Webisodes Past and Future

Young Adama? Some out-takes from Razor (the upcoming Galactica tv-movie, or season premiere, or whatever we should call it) are going to be released online as webisodes; apparently they deal with Adama in his younger days (to be played by Nico Cortez, pictured at right). The Razor DVD will reintegrate the flashback scenes into the movie. Details here.

In related news: there’d been some uncertainty as to whether the previous batch of webisodes, dealing with the resistance on New Caprica, would make it on to the third-season DVD. (Apparently ownership of the webisodes was disputed.) But it looks like there’s good news: not only are the webisodes going to appear on the DVD, but they’re going to be integrated with previously unseen footage into an “Episode Zero.” Despite my aversion to all such attempts to treat zero as an ordinal rather than a cardinal number, I look forward.

5 Responses to Webisodes Past and Future

  1. Stephen Carson July 16, 2007 at 12:57 pm #

    Of all the radical and shocking things you’ve posted in your blog this, of all things, is the one that is rocking my world. No, not the BSG info, this: “…my aversion to all such attempts to treat zero as an ordinal rather than a cardinal number…”.

    As a long-time C/C++ programmer I am used to “counting from zero”. We even have some (awkward) terminology. “Is that index zero-based or one-based?” “Check the zeroth element in the array.” [I just noticed that “zeroth” is in the dictionary! http://dictionary.reference.com/browse/zeroth ]

    You are probably right, of course, that zero makes no sense as an ordinal number. But that doesn’t make me feel any better.

  2. Administrator July 16, 2007 at 1:40 pm #

    Yes, I know this virus has deeply affected the programming world. It’s also beginning to affect history textbooks, some of which are beginning to refer to the year before 1 AD as the year 0 (which would logically require all the previous years to be renumbered, with 399 BC becoming 398 BC and so on — yet they don’t seem to draw this inference). The temptation to think a century begins with the 00 year (and the mistaken analogy with birthdays — where since you’re called 18 when you’ve lived 18 years people think the year must be called 2000 when 2000 years have passed) has no doubt also contributed to the confusion.

    But as a good Austrian you should know the perils of confusing ordinals with cardinals! “Zeroth” used to be a semi-humorous way of numbering something which should have been first but was so basic that it hadn’t been thought of till later — like the Zeroth Law of Thermodynamics. But at some point people forgot it was a joke.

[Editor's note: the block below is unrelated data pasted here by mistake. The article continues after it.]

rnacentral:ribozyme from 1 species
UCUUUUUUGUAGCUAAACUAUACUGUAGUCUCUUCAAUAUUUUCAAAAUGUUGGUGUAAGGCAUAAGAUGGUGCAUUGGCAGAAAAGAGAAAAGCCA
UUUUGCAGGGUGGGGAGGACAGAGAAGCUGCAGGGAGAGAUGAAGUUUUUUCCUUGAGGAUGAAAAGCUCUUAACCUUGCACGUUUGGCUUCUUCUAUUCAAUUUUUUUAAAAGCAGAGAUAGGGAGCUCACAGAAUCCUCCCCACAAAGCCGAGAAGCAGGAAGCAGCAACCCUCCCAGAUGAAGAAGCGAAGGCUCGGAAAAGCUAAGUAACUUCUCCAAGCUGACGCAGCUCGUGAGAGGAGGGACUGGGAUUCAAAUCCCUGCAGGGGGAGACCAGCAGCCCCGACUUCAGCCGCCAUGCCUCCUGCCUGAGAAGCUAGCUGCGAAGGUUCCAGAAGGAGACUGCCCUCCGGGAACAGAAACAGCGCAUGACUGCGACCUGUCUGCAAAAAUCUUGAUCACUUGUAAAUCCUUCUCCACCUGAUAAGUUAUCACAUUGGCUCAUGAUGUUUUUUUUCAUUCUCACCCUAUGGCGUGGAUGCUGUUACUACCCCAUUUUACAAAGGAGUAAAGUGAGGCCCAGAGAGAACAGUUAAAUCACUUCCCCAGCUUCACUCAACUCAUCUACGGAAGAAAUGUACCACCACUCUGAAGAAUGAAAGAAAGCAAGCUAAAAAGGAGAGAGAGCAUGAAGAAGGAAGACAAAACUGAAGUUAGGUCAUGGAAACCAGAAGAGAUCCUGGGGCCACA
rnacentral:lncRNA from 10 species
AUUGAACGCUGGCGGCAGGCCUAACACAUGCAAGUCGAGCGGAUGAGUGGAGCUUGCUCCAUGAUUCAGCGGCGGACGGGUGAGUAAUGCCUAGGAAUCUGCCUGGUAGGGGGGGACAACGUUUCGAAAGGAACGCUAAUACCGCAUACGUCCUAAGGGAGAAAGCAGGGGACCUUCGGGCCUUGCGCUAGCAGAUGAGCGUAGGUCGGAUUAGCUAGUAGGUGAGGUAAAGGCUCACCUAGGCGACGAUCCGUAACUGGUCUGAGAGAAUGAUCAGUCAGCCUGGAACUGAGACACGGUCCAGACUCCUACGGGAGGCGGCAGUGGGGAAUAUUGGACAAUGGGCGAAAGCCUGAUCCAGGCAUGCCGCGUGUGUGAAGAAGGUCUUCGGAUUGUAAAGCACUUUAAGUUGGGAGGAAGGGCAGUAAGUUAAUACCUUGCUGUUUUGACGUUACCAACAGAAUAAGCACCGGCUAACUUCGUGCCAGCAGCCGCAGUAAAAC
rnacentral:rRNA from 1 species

3. Anon2 July 16, 2007 at 3:58 pm #

    Actually there are some special reasons to use zero-based counting in computers. For example in modular arithmetic you have to have an identity element, which requires using [0-7], [8-15], [16-23], etc as opposed to [1-8],[9-16], …. Another reason mentioned on the wikipedia article on zero is that if one makes the decision to refer to a list of numbers using the memory address of the first element, then zero-based indexing follows. To use one-based indexing would require using the position of the first element minus one instead. In particular, a list starting at the first block in memory would have “address” of -1….

    The last reason, which is my favorite, is that empty lists often occur as input to algorithms, and hence half-open intervals like [1,9) are more handy than inclusive intervals like [1,9]. Given this, it seems more natural to describe a list of eight elements as corresponding to the interval [0,8) than [1,9). You could, alternatively, argue for notation like [1,0] to designate an empty list, but that particular convention isn’t very popular.

  4. Administrator July 16, 2007 at 5:28 pm #

    As a good(-ish) Wittgensteinian I have no objection to using “0” in such contexts — or indeed to using “0” to mean whatever one may want, e.g., “the British are coming.” My worry is only that this use has begun to bleed from its legimate context into contexts in which it causes confusion.

  5. Anon2 July 16, 2007 at 7:59 pm #

    According to Wittgenstein, how does one judge the correct contexts in which to use a concept? I can think of several examples off-hand where people disagree about applying concepts in situations they were seemingly not designed for – applying “person” to embryos, determining the genus and species of certain fossils, and applying the attribute of “mind” to collections of circuits and wires. I am personally cautious about making such extensions willy-nilly…

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